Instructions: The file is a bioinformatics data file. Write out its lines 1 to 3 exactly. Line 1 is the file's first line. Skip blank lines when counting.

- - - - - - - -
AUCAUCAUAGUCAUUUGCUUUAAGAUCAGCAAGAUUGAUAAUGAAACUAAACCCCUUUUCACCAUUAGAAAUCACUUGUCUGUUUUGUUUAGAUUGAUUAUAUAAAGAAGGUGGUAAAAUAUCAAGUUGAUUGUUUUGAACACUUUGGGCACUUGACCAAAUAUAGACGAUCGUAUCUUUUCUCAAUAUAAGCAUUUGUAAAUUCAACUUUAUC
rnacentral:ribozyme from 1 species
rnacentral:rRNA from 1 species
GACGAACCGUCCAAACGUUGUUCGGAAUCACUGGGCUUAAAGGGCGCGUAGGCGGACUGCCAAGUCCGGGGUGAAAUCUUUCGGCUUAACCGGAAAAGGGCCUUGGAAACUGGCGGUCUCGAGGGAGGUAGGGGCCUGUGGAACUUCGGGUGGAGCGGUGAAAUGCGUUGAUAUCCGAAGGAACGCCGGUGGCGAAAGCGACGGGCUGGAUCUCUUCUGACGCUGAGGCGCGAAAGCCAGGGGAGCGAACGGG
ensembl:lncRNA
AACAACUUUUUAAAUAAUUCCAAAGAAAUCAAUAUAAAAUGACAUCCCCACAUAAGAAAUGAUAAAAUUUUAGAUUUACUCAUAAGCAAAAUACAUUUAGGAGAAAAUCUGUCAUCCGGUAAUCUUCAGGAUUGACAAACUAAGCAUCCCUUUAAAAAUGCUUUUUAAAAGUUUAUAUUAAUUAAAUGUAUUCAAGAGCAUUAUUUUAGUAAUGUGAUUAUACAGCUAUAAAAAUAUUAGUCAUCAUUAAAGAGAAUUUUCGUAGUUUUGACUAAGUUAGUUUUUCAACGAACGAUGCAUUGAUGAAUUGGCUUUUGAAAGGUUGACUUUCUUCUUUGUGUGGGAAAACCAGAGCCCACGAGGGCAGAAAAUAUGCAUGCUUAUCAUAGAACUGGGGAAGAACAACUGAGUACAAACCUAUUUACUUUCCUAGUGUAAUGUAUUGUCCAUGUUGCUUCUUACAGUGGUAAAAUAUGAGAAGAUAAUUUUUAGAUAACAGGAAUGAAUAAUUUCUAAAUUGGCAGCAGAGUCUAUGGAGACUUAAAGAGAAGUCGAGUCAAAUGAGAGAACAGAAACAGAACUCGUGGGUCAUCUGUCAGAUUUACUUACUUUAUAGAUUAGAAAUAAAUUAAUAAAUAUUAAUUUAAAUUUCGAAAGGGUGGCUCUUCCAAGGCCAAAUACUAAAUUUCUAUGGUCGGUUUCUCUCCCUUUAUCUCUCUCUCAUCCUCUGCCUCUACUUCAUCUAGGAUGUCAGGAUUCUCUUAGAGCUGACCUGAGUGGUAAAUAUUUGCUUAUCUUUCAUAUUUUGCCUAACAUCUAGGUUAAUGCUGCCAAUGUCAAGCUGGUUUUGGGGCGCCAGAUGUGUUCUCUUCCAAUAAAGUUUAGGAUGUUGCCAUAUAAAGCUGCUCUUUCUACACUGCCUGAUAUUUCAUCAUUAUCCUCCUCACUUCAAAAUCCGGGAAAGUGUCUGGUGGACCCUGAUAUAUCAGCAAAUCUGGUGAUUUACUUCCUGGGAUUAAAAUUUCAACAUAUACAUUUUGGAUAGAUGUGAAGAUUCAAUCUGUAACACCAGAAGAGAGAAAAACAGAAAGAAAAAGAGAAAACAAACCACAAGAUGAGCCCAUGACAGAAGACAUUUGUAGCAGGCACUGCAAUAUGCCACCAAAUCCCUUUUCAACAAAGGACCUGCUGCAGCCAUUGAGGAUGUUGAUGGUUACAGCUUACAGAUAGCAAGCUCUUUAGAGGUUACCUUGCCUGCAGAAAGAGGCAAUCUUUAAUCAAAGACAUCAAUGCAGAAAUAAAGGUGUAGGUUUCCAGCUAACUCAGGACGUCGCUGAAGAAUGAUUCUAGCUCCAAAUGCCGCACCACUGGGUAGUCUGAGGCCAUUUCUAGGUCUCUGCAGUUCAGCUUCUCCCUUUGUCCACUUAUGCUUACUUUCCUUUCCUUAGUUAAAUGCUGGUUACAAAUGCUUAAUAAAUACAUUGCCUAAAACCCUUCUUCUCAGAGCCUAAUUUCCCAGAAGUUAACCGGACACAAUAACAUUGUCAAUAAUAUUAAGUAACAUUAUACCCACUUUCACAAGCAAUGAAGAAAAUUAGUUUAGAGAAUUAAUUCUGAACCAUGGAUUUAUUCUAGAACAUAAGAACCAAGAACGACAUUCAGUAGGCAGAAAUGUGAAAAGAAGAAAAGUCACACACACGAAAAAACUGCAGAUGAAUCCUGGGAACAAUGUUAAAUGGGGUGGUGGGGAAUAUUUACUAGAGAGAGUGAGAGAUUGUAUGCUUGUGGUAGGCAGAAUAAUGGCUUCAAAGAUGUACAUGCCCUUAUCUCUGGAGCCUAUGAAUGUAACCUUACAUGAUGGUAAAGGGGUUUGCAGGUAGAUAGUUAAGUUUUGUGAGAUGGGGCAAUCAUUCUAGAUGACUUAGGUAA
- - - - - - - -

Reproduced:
AUCAUCAUAGUCAUUUGCUUUAAGAUCAGCAAGAUUGAUAAUGAAACUAAACCCCUUUUCACCAUUAGAAAUCACUUGUCUGUUUUGUUUAGAUUGAUUAUAUAAAGAAGGUGGUAAAAUAUCAAGUUGAUUGUUUUGAACACUUUGGGCACUUGACCAAAUAUAGACGAUCGUAUCUUUUCUCAAUAUAAGCAUUUGUAAAUUCAACUUUAUC
rnacentral:ribozyme from 1 species
rnacentral:rRNA from 1 species